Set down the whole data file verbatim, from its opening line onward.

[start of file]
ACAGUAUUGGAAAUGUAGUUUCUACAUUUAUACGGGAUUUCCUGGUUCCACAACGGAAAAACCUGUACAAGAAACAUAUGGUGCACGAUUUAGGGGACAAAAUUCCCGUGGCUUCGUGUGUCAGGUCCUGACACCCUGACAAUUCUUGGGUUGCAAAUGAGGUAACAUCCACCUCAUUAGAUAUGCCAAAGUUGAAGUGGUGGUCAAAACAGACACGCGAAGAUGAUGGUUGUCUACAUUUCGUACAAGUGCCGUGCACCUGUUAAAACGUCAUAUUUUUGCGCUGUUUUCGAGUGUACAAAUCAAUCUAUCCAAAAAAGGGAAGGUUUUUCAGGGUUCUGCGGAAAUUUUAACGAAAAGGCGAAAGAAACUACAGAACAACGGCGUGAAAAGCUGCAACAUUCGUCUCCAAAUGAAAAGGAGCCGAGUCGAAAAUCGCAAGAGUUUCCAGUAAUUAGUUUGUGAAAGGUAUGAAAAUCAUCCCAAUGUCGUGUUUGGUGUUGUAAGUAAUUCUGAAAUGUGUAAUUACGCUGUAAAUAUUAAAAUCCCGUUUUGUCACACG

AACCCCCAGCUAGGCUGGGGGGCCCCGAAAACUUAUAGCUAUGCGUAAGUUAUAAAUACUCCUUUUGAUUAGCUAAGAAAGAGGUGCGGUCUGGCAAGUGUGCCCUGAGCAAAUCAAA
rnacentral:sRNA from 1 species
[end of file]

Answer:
ACAGUAUUGGAAAUGUAGUUUCUACAUUUAUACGGGAUUUCCUGGUUCCACAACGGAAAAACCUGUACAAGAAACAUAUGGUGCACGAUUUAGGGGACAAAAUUCCCGUGGCUUCGUGUGUCAGGUCCUGACACCCUGACAAUUCUUGGGUUGCAAAUGAGGUAACAUCCACCUCAUUAGAUAUGCCAAAGUUGAAGUGGUGGUCAAAACAGACACGCGAAGAUGAUGGUUGUCUACAUUUCGUACAAGUGCCGUGCACCUGUUAAAACGUCAUAUUUUUGCGCUGUUUUCGAGUGUACAAAUCAAUCUAUCCAAAAAAGGGAAGGUUUUUCAGGGUUCUGCGGAAAUUUUAACGAAAAGGCGAAAGAAACUACAGAACAACGGCGUGAAAAGCUGCAACAUUCGUCUCCAAAUGAAAAGGAGCCGAGUCGAAAAUCGCAAGAGUUUCCAGUAAUUAGUUUGUGAAAGGUAUGAAAAUCAUCCCAAUGUCGUGUUUGGUGUUGUAAGUAAUUCUGAAAUGUGUAAUUACGCUGUAAAUAUUAAAAUCCCGUUUUGUCACACG

AACCCCCAGCUAGGCUGGGGGGCCCCGAAAACUUAUAGCUAUGCGUAAGUUAUAAAUACUCCUUUUGAUUAGCUAAGAAAGAGGUGCGGUCUGGCAAGUGUGCCCUGAGCAAAUCAAA
rnacentral:sRNA from 1 species